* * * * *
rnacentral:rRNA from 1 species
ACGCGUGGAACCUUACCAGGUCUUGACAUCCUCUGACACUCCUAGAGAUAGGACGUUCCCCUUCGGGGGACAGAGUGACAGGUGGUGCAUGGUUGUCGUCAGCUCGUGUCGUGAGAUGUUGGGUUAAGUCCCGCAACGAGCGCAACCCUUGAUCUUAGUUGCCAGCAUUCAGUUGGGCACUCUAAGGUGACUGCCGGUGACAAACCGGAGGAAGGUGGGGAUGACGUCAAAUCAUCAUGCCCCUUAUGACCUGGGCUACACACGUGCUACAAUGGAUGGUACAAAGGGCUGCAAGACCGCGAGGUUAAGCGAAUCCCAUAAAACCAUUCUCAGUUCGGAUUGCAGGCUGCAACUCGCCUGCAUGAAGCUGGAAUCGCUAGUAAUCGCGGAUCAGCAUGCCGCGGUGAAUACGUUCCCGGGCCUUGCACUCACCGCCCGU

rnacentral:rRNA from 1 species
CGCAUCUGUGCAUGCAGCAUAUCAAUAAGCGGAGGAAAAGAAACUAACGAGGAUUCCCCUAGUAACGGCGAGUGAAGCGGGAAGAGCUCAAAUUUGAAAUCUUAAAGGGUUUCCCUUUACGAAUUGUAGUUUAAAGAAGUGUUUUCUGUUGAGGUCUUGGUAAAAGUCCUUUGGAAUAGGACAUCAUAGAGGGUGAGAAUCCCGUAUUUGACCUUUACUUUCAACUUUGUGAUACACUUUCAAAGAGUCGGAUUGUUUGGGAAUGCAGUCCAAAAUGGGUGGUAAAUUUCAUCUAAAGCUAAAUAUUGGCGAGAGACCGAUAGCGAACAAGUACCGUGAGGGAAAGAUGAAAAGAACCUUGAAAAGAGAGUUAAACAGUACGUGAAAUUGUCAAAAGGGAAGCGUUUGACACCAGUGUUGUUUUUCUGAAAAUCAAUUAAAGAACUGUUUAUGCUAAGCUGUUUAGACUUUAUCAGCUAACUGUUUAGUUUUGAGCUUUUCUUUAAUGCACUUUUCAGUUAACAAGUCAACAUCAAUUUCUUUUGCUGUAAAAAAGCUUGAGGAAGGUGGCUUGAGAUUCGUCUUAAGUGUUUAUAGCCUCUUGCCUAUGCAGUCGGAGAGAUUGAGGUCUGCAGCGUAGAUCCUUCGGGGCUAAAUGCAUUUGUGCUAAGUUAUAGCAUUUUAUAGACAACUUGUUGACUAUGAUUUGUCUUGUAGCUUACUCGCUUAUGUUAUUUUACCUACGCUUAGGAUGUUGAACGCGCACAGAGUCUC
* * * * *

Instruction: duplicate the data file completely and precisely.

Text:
rnacentral:rRNA from 1 species
ACGCGUGGAACCUUACCAGGUCUUGACAUCCUCUGACACUCCUAGAGAUAGGACGUUCCCCUUCGGGGGACAGAGUGACAGGUGGUGCAUGGUUGUCGUCAGCUCGUGUCGUGAGAUGUUGGGUUAAGUCCCGCAACGAGCGCAACCCUUGAUCUUAGUUGCCAGCAUUCAGUUGGGCACUCUAAGGUGACUGCCGGUGACAAACCGGAGGAAGGUGGGGAUGACGUCAAAUCAUCAUGCCCCUUAUGACCUGGGCUACACACGUGCUACAAUGGAUGGUACAAAGGGCUGCAAGACCGCGAGGUUAAGCGAAUCCCAUAAAACCAUUCUCAGUUCGGAUUGCAGGCUGCAACUCGCCUGCAUGAAGCUGGAAUCGCUAGUAAUCGCGGAUCAGCAUGCCGCGGUGAAUACGUUCCCGGGCCUUGCACUCACCGCCCGU

rnacentral:rRNA from 1 species
CGCAUCUGUGCAUGCAGCAUAUCAAUAAGCGGAGGAAAAGAAACUAACGAGGAUUCCCCUAGUAACGGCGAGUGAAGCGGGAAGAGCUCAAAUUUGAAAUCUUAAAGGGUUUCCCUUUACGAAUUGUAGUUUAAAGAAGUGUUUUCUGUUGAGGUCUUGGUAAAAGUCCUUUGGAAUAGGACAUCAUAGAGGGUGAGAAUCCCGUAUUUGACCUUUACUUUCAACUUUGUGAUACACUUUCAAAGAGUCGGAUUGUUUGGGAAUGCAGUCCAAAAUGGGUGGUAAAUUUCAUCUAAAGCUAAAUAUUGGCGAGAGACCGAUAGCGAACAAGUACCGUGAGGGAAAGAUGAAAAGAACCUUGAAAAGAGAGUUAAACAGUACGUGAAAUUGUCAAAAGGGAAGCGUUUGACACCAGUGUUGUUUUUCUGAAAAUCAAUUAAAGAACUGUUUAUGCUAAGCUGUUUAGACUUUAUCAGCUAACUGUUUAGUUUUGAGCUUUUCUUUAAUGCACUUUUCAGUUAACAAGUCAACAUCAAUUUCUUUUGCUGUAAAAAAGCUUGAGGAAGGUGGCUUGAGAUUCGUCUUAAGUGUUUAUAGCCUCUUGCCUAUGCAGUCGGAGAGAUUGAGGUCUGCAGCGUAGAUCCUUCGGGGCUAAAUGCAUUUGUGCUAAGUUAUAGCAUUUUAUAGACAACUUGUUGACUAUGAUUUGUCUUGUAGCUUACUCGCUUAUGUUAUUUUACCUACGCUUAGGAUGUUGAACGCGCACAGAGUCUC